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I am using a 5 gal cooler MLT, so I cannot sparge much more than 2 gal per batch. This time I batch sparged three times to get the desired volume. I didn't up my grain bill for that though, but my final runnings were very weak (1.018) as expected. I could have topped up the volume with tap water, but I wanted to get as much out of the grains as I could to up my efficiency. I figured a weak batch was better than just water.

In the end, you will just have a beer that has higher ABV and that isn't a bad thing at all. Your beer will just have a little more kick.
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Old 09-01-2008, 08:14 PM   #5
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Thanks for the info....how exactly do you calculate the efficiency? do you measure prior to boil?

Sorry for the newb questions

After following mash schedule as close as possible....I probably ended up with 6+ gallons of wort for the BK (didn't check it exactly). I DID however measure the gravity once it was in the kettle and I had 1.040 if that means anything.

I MAY have been able to squeeze a vary minimal amount more of water from the grain as I did cut off the ball valve with a vary small trickle in both sparges.

How long do you general let the run off trickle for?
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Old 09-01-2008, 08:25 PM   #6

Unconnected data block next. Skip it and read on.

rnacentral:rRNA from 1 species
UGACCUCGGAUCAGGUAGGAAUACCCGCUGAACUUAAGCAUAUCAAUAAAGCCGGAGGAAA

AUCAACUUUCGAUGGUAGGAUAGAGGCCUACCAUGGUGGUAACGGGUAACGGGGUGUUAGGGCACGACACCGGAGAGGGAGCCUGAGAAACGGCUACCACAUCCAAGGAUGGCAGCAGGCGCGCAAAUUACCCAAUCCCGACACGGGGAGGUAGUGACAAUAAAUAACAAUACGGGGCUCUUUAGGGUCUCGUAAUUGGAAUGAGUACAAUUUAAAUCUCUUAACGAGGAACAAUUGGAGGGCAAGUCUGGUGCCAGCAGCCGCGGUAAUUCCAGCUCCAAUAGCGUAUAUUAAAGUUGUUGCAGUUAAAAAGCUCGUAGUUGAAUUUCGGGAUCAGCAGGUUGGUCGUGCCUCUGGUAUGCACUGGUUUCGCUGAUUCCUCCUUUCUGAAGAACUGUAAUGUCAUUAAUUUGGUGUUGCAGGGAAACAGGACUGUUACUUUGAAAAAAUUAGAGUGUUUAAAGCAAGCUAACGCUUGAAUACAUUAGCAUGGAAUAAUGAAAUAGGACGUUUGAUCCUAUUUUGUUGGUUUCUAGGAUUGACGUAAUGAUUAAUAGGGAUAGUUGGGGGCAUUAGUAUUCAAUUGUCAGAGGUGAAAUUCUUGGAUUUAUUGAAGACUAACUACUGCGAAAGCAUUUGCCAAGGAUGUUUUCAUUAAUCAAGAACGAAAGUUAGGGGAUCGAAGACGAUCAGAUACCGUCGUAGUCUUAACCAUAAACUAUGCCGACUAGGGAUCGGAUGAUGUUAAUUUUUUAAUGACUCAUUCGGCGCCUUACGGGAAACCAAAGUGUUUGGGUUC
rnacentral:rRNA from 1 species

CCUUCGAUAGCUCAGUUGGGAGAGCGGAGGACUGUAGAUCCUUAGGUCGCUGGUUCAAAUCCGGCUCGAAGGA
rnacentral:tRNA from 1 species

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To calculate my efficiency I use Beersmith. Once I figured out how to use the program it became very helpful. I just kept playing around with it to figure things out. I take gravity readings at several steps; for each running, gravity into the BK, and then OG reading after the boil. Remember to let the liquid cool or it will affect your gravity reading.

With my sparges, I let them run until there's nothing coming out of the ball valve and I open it all the way up. I have a false bottom in my MLT and have never had a stuck sparge (knock on wood).
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Old 09-01-2008, 08:34 PM   #7
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I have your efficiency at around 72%. At least you know how much boil will occur for the next batch so you can adjust the volume needed preboil. A nice thing with all grain is that you can easily make 5.5 gallon batches so that you get a good 5 gallons after racking to keg or bottling bucket.
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Old 09-01-2008, 09:07 PM   #8
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Quote:
Originally Posted by Blender View Post